“These moments are a flash, an insight when we see through the confusion of our constant thinking to something clear. Why wouldn’t we listen instead of abiding by our discursive wandering thoughts… and follow these thoughts as though they were holy truth?”
– Natalie Goldberg, Zen practitioner and author of The True Secret of Writing
Psychedelic journeys contain moments of powerful insights, and often even ultimate truths. But sometimes we reduce these experiences to a dinner story rather than harnessing the lessons into lasting change. Instead of altering unwise behaviors, we remain ruled by old habits. Even when we have the best intentions to live by our new wisdom, the brain’s default mode network won’t let us. We retreat into quiet dissatisfaction.
Yet no one wants to be shackled by the mind. We’d rather walk our path of happiness driven by our divine insights. Before this is possible, however, we need to learn how to create real and lasting change in the wake of our psychedelic journeys.
One Psychedelic Experience May Not Be Enough
One of my friends came home from Peru recently and excitedly shared the visions from her ayahuasca ceremony. I thought her trip sounded terrific. She told me tales of visits from imagined strangers who shared profound wisdom with her.
Since then, my friend has told the story again and again. But I’m not sure if anything’s changed in her life since the retreat. Like most people, my friend needs more tools to help her integrate the psychedelic lessons into lasting change. One of those tools is microdosing.
As a Third Wave reader, you might be familiar with the concept of microdosing—consistently taking fractional doses of psychedelics to experience cognitive enhancement. You may have even considered Third Wave’s comprehensive microdosing course. If so, you may know that the benefits of microdosing can extend beyond relief from depression or anxiety. Microdosing can also help increase focus, boost creativity, and elevate your mood. This is precisely why microdosing psychedelics offers an effective way to integrate your higher-dose psychedelic journey into lasting change.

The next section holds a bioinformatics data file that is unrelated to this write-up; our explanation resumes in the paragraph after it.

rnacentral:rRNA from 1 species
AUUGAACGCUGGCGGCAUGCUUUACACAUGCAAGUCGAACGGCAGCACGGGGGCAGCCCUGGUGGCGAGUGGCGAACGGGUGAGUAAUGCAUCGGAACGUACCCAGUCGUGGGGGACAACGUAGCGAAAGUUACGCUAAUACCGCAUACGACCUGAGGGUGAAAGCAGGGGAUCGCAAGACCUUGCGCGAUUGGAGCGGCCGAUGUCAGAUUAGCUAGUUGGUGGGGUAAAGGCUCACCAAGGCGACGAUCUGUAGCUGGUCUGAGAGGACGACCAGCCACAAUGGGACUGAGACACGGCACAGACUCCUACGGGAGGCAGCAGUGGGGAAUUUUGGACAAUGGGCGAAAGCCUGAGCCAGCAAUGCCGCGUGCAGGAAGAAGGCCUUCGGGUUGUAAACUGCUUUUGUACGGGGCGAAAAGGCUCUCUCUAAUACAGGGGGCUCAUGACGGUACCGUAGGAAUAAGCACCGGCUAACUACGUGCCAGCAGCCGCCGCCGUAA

If you want to find more about the topic check out our podcast interview with Peter Carnochan where we talk about How To Create the Life You Want
Changing Thoughts Means Walking Down a New Path
When you have a higher-dose psychedelic journey like my friend in Peru, you open new neural pathways that can help you break free from habitual thought loops. To hardwire those changes, however, you need to nourish the new pathways and stop gardening the old ones.
Metaphorically, I like to illustrate this concept as a field of overgrown grass containing one clear path. In this metaphor, the overgrown field is your mind, and the open track represents your old patterns. You’ve walked down this old path for years. It’s a breeze to traverse. That said, the easy road doesn’t always represent the “best” road, especially if it leads you to habitual ruts, dark thoughts, or endlessly-looping thought patterns.
After you’ve had a psychedelic experience, you may realize you need to carve a new path to the opposite side of the field. But to get there, you’ll need to walk through unpaved terrain. The blades of grass are taller than your head, and jagged rocks stand in your way.
The task seems daunting, which makes the old track seem enticing. Yet if you keep walking through the unpaved woods, you know you’ll eventually flatten a new path. And one day, the new route will be more comfortable to travel than the old one. You just convert that knowledge into action.